About us

We investigate the handling of complaints about the judicial appointments process, and the handling of complaints involving judicial discipline or conduct.


We can help you if you are unhappy with the way your complaint about either a judicial office holder or the judicial appointments process was dealt with. We cannot help you with a court case, investigate a judicial office holder or say whether their actions amount to misconduct.

Important notice

The Judicial Appointments and Conduct Ombudsman’s office is not fully staffed and mostly working remotely.
The impact of this is that we may take longer to consider complaints and deal with correspondence. The best way to contact the office during this period is by email at headofoffice@judicialombudsman.gov.uk

If you need to speak to a member of the team urgently, please send us an email requesting a call back – please include your contact number and a brief explanation of your query. A member of the team will contact you as soon as possible. Please note we cannot help you with a Court or Tribunal case, investigate a judicial office holder or say whether their actions amount to misconduct.

We will process personal data in accordance with our Privacy Notice (PDF, 150 KB, 3 pages)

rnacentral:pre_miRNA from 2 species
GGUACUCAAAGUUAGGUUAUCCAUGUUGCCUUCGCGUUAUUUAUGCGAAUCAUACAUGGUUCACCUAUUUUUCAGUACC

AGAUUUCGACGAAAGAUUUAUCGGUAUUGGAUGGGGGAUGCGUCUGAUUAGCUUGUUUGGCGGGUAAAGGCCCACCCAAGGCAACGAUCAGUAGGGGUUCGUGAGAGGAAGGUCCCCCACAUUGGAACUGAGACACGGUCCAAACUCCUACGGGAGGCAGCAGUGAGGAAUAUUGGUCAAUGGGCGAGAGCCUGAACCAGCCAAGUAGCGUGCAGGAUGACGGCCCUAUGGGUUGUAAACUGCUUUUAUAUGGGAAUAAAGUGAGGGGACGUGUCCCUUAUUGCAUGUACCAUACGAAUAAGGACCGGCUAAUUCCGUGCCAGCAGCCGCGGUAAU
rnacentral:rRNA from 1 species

Who we are

We are a team of 9, including the ombudsman, based in London.

Our responsibilities

Our responsibilities fall into 2 distinct categories.

For judicial appointment complaints, we are responsible for:

  • making suggestions to the Lord Chancellor and the Judicial Appointments Commission (JAC) on how to proceed when a complaint has been upheld
  • recommending changes to procedure in order to prevent the same issues from happening again
  • proposing that compensation be paid if we believe a complainant has suffered because of any maladministration (ie mismanagement)

For judicial conduct complaints, we are responsible for:

  • asking the Judicial Conduct Investigations Office, a tribunal president, or magistrates’ advisory committee to re-investigate a complaint where appropriate
  • recommending changes to procedure in order to prevent the same issue from happening again
  • proposing that compensation be paid if we believe that a complainant has suffered because of maladministration

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